Housekeeping is a physically demanding type of employment. Tasks include making beds, washing and vacuuming floors, tidying rooms, cleaning bathrooms—and the list doesn't stop there.
Although often providing "invisible" services during your stay, hotel maids can and should be tipped for good service. By tipping correctly, you show appreciation for housekeeping work and ensure that the chambermaid will take special care of your room. Tip incorrectly, or not at all, and misunderstandings or poor service may arise. Here are five suggestions on how to tip a hotel maid for your next trip.
The same maid may not service your room every night of your stay. If you wait until check-out time to tip for the entire stay, your tip may not go to the right person. Additionally, it is recommended to leave a tip in cash, rather than spare change. This will help alleviate the confusion on whether that's the guest's loose change or not.
Mark Your Tip Clearly
Leaving cash in the room is not a clear enough signal, as a hotel maid must be very careful about taking anything from your room. Enclose the tip in a sealed envelope. You can check the desk drawer for hotel stationery and mark it "housekeeping." If you can't find an envelope, you can ask the front desk to provide one.
If that doesn't work either, you can always wrap the bills in a blank sheet of paper and then label them appropriately. Of course, when you travel internationally, learn how to write "housekeeping" in the local language. You can always call the front desk if you're not sure how, so you can label the envelope accordingly.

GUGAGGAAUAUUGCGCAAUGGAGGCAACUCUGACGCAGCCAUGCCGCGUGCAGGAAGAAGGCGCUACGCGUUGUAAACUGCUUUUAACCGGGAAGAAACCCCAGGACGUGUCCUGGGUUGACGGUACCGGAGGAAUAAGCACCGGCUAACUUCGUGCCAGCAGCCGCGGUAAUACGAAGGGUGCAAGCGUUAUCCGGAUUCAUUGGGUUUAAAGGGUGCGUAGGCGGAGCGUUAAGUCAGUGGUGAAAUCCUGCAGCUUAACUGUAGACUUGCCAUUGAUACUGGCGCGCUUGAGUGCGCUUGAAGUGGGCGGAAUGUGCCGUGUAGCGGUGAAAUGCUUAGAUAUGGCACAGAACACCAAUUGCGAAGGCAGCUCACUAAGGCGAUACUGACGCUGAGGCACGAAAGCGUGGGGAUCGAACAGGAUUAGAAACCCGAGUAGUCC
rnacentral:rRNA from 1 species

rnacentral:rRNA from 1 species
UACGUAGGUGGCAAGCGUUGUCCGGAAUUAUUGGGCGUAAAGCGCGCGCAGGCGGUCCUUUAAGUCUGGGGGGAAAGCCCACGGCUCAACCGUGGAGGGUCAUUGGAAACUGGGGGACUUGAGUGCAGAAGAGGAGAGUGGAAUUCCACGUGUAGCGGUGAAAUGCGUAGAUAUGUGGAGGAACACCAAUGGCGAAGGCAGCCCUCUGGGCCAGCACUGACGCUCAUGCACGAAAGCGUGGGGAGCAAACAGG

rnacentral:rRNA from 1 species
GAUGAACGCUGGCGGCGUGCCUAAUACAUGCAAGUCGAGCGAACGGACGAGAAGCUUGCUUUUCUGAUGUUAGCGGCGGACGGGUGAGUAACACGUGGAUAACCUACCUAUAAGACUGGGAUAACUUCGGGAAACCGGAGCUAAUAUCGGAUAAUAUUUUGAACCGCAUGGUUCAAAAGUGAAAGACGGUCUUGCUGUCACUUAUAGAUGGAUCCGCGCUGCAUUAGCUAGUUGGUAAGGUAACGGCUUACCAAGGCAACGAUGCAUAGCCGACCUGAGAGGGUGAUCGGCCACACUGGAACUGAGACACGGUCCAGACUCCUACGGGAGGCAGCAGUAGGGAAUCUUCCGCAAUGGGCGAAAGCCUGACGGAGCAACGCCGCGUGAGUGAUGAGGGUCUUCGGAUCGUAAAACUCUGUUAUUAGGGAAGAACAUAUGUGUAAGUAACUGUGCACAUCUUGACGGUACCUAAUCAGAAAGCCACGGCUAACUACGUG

Leave Your Tip in an Obvious Place
You want to make it easy for housekeeping to find your tip (and mark it clearly that it is a tip for them). Some recommended places to leave the tip include: on the television, on top of the pillows on the bed, the bathroom counter, or on top of the desk.
Tip According to Service and Hotel Type
In a luxury or high-end hotel, it's recommended to tip up to $5 each night. For an average hotel, $2 to $3 per night is suggested. Travelers should also keep in mind that if there are three or more guests in a room or suite, tipping rates should increase. If the maid goes above and beyond in services, such as providing extra soaps and shampoos or folding towels in the shape of swans, feel free to leave a dollar or two more. It's also good to take into account the location of your hotel. If it's in a more expensive area like Hawaii, then you may want to tip more.
Tipping should happen at every type of hotel, however, motels are the one exception if only staying for one night.
Don't Tip for Poor Service
Like all tips, if you're not satisfied with the service that housekeeping provides, don't leave a tip. Alternatively, you can also reduce the amount you would tip or alert the front desk if you have any specific complaints.